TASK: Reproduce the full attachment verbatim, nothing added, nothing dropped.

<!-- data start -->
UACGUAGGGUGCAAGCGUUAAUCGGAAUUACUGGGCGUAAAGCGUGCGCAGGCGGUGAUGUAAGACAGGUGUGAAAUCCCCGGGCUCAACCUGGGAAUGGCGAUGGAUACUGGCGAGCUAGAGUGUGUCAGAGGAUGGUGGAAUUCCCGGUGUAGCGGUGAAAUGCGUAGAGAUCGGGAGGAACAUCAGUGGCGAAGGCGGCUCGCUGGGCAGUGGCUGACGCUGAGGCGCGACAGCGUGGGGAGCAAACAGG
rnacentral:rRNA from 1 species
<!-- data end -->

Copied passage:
UACGUAGGGUGCAAGCGUUAAUCGGAAUUACUGGGCGUAAAGCGUGCGCAGGCGGUGAUGUAAGACAGGUGUGAAAUCCCCGGGCUCAACCUGGGAAUGGCGAUGGAUACUGGCGAGCUAGAGUGUGUCAGAGGAUGGUGGAAUUCCCGGUGUAGCGGUGAAAUGCGUAGAGAUCGGGAGGAACAUCAGUGGCGAAGGCGGCUCGCUGGGCAGUGGCUGACGCUGAGGCGCGACAGCGUGGGGAGCAAACAGG
rnacentral:rRNA from 1 species